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Revive Rusty Lawn Furniture — Summer 2009 | Out Here Magazine

Use a wire scratch brush to strip off rust and peeling paint from wrought iron to create a surface where the new paint can stick.

A little paint and elbow grease will do wonders

By Teresa Odle
Photography by Jeff Fraizer

The wrought iron lawn furniture is looking a bit rusty and chipped, but new furniture isn't in your budget this year.

That's okay; adding new life to old tables, chairs, planters, knick-knacks, even fences is easy and inexpensive to do, says Dave Coil, a master carpenter in Las Vegas, Nev. And it's a do-it-yourself project easily completed over a weekend.

First step is to determine whether the furniture is worth restoring or if rust has damaged it too severely.

"You can look at it and quickly tell if the rust bubbling is significant or how deep the rust goes," Coil says.

His rule of thumb: Even if most of the surface area is rusty, you're good to go as long as the damage is mostly surface rust. If the rust is more than 1⁄16 of an inch deep, then it's iffy.

Use a wire scratch brush or a wire wheel on a drill for quick rust removal, Coil suggests. It's fast and easy to see your progress. Brass or steel bristles work fine.

Don't worry about damaging the furniture; you're basically buffing or polishing the metal, and it's hard to hurt steel, Coil says.

"Start at the worst possible point," Coil says. "And if it's salvageable, the rest will be."

A thorough cleaning and a few cans of spray paint will make rusty, rundown lawn furniture look like new.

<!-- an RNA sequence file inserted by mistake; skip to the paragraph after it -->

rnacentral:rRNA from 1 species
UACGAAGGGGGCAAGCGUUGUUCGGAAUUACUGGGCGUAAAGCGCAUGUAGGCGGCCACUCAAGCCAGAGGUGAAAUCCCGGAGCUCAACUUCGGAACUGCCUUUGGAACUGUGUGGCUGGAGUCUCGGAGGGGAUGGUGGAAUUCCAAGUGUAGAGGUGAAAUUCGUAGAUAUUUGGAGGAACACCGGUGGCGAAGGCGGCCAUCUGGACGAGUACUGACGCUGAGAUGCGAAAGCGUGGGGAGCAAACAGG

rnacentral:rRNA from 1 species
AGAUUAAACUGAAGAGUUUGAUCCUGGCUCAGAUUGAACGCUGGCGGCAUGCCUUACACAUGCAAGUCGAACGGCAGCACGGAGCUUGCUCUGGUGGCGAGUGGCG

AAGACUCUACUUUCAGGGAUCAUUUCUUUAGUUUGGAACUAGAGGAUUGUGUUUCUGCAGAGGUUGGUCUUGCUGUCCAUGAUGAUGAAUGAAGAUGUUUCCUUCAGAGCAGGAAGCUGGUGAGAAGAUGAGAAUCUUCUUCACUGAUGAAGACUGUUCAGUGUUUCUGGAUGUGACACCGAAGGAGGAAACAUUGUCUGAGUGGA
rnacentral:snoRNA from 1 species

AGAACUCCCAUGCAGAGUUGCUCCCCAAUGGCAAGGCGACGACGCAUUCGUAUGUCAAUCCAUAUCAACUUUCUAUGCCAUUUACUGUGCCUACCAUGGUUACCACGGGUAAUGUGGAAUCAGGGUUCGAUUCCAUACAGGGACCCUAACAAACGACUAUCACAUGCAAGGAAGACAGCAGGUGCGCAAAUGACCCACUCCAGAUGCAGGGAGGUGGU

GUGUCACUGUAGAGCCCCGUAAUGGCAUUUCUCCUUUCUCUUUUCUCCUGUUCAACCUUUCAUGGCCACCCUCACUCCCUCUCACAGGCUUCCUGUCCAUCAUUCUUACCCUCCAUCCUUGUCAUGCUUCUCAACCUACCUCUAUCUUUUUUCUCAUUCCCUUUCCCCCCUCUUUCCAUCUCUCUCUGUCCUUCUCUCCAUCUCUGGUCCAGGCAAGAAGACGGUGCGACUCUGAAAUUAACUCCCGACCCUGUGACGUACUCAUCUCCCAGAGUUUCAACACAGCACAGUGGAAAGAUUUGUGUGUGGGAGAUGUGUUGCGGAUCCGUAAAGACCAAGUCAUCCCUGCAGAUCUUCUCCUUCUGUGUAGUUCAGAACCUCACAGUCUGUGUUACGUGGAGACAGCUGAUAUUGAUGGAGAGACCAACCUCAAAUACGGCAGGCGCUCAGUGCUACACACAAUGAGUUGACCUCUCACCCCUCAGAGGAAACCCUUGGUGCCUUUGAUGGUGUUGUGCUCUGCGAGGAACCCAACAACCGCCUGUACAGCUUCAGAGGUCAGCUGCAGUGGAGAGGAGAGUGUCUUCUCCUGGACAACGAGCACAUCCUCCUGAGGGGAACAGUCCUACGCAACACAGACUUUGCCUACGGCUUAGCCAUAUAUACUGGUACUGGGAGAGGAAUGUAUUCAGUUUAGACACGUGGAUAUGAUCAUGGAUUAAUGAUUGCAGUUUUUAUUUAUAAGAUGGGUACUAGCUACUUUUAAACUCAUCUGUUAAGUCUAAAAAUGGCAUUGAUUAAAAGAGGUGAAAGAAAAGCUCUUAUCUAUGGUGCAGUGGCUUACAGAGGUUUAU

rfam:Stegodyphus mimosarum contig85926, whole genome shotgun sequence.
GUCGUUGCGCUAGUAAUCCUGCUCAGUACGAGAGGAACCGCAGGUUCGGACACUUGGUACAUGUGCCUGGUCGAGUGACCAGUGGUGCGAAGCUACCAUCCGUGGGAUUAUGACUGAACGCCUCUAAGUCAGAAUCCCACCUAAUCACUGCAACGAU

While you're removing rust, take off all the paint, as well. Otherwise, you'll have bumps and lumps, and the paint won't stick to the surface.


For hard-to-reach areas, Coil uses a pick, much like a dental pick, to strip away rust and paint.


Once you're done scraping, buffing, and picking, wipe the area with a rag using either mineral spirits or Coil's preference, lacquer thinner. Both dry quickly.


In choosing a color, go with the original, or try something new and fresh for a completely different look. Whatever your choice, the paint should be oil-based, Coil recommends.


"It dries harder and will last longer," he says. He also recommends using spray paint, which usually works best on metals, and is convenient, especially in hard-to-reach areas.


If, however, you appreciate the character of a weather-beaten planter or antique yard art and want to keep the rustic look without your treasure deteriorating further, you can protect that, too, Coil says. Simply coat it with clear lacquer or enamel.


Teresa Odle is an Albuquerque-based writer.